Wash your clothes in warm or cold water, not hot water.

  Wash your bed linen at 60C instead of 90 C - it will still
    be clean!

  Only switch the machine on when you have a full load.
    (Don't overload the machine as your load won't clean
    properly and you'll need to do it again - wasting water
    and electricity)

  Skip the pre-wash cycle unless absolutely necessary.
    This will save up to 20% electricity consumption.

  Rather soak the dirty laundry first.

  A front loader costs less to operate than a top loader
    (and uses less water)

  Use a clean, low-phosphate or phosphate-free detergent in your laundry.
    Look out for environmentally friendly laundry detergents. Phosphates
    can damage streams and rivers. (
See water savings)

  If you've worn something and it doesnt need to be washed  you can
    freshen it up by hanging it outside in the wind and sun, or hanging it
    outside your window overnight.

  Do this before putting it back in your cupboard then it will be ready the
    next time you need it.


Tumbledryer

  Tumbledryers use a large amount of electricity, so
    minimise the use of the dryer.

  Whenever possible dry your laundry outside so that
    the sun and wind do the work.

  Do the washing as early as possible to get the benefit
    of the day sun especially in winter.

  A portable drying rack is a great investment.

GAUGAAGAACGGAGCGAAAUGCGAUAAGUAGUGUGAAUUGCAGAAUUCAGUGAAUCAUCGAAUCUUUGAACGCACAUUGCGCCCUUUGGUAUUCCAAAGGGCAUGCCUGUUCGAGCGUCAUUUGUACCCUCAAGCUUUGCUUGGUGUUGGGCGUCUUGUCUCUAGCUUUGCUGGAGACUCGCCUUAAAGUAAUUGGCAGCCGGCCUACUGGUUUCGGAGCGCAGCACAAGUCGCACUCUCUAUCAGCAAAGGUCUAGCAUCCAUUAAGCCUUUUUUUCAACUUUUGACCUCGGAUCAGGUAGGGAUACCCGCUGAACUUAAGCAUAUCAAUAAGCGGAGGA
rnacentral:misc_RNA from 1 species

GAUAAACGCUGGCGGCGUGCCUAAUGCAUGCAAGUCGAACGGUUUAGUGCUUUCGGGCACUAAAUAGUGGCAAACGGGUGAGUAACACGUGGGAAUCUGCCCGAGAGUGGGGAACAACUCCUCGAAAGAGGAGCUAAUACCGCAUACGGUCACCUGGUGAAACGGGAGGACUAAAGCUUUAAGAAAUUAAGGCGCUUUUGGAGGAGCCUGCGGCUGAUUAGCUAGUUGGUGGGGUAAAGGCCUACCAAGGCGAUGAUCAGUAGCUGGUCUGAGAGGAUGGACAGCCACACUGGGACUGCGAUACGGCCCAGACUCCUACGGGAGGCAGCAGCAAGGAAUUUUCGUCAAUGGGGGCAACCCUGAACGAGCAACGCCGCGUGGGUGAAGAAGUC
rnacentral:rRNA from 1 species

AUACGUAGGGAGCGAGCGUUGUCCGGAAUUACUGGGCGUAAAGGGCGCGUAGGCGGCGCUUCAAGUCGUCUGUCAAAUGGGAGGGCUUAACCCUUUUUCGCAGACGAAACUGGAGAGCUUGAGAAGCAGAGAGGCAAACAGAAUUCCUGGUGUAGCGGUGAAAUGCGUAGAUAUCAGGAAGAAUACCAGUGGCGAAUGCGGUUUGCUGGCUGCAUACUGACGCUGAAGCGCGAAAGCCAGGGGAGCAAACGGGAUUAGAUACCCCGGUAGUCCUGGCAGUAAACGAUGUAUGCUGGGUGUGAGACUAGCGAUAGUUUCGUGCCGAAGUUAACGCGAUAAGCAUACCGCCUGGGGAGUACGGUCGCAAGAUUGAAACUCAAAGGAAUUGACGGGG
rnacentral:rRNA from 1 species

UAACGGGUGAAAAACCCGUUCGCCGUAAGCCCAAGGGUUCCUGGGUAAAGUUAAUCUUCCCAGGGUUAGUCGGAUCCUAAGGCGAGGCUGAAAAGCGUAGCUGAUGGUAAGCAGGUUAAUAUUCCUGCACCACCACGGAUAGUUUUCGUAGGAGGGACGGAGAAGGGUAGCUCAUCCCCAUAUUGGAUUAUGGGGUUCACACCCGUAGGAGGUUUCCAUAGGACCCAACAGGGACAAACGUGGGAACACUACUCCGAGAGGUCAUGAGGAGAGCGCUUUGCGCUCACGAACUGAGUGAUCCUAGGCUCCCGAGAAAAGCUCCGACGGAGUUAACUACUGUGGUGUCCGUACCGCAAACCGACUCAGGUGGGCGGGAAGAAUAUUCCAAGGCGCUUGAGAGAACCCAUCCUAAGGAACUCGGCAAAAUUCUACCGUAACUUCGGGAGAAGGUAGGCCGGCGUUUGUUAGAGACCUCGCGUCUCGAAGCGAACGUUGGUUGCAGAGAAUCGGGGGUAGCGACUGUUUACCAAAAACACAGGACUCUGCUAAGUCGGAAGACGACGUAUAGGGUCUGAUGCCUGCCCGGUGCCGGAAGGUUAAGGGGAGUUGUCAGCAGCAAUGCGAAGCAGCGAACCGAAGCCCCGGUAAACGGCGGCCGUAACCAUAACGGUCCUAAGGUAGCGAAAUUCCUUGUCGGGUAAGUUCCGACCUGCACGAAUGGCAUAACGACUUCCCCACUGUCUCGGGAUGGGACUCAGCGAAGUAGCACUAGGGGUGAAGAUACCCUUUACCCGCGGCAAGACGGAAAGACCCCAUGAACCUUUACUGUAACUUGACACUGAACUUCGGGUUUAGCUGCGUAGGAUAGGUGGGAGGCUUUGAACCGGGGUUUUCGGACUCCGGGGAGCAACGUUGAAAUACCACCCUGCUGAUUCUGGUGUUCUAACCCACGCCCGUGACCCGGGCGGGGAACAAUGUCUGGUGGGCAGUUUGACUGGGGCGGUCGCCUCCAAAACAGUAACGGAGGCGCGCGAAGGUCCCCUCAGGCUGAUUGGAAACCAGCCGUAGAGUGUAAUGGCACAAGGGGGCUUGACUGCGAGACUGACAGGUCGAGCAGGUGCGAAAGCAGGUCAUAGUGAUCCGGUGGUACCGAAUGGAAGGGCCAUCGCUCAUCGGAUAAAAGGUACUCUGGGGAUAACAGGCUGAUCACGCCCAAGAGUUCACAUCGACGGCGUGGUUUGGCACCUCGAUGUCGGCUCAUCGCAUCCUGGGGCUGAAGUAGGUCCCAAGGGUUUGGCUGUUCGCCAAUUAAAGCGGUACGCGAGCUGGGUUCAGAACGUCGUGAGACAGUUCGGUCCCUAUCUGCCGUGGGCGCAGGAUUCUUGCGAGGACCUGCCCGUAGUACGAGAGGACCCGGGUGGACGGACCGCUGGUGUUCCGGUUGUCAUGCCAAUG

Laundry can be hung up outside and the entire rack
        can be moved inside for the night if the clothes
        aren't dry (and moved out again the next day).
     In winter clothes can be dried in front of the fire or
       heater if you're using one.
     If it's raining your clothes can dry on a clothes rack
       inside.

  There are small over-the-bath washing lines too.

  Remember to hang washing properly so that less ironing is required.

  Use the tumbledryer only once the laundry is dry or almost dry to
    soften towels and linen.

  Fold the linen neatly corner to corner as soon as it comes out the
    dryer and while still warm to minimise or avoid ironing.

  Wring excess water from your laundry before putting it into the dryer.
     The wetter the clothes the longer the dryer needs to operate.

  In addition to wasting power, over drying also can cause a build up
    of static electricity and cause wrinkles on your clothes.

  Separate light weight and heavy weight articles for drying, as drying
    times vary. As light weight dry quicker, some of your loads can use
    less electricity.

  A clean dry towel placed into the dryer with your washing should absorb
    some of the moisture  and clothes should dry faster.

  When there is the option select the correct temperature settings to
    minimise the amount of electricity used.

  Clean out the lint filter after every drying cycle.
      Cleaning the filter will reduce the drying time and the energy
        consumption, and lengthens the dryer's life.
      To reduce the amount of lint in a particular load of laundry, dry
        more lint producing fabrics (like towels) separately from clothes that
        attract lint.
      Add the lint to your
compost.

  When purchasing a new tumbledryer:
      Select one with an electronic humidity control as these are the most
        efficient.
      Select one that automatically shuts off the drying cycle when the
        laundry is dry.


Dishwasher

  Scrape your plates clean before loading into the dishwasher. This saves
    you having to do a pre-rinse cycle.

  Avoid using the pre-rinse cycle. It uses more water and electricity.

  If you prefer to rinse your crockery and cutlery prior to loading the
   dishwasher, then put a small amount of water into your basin and rinse
   the tableware in this water.

  Use the energy saver mode or cycle if your dishwasher has one.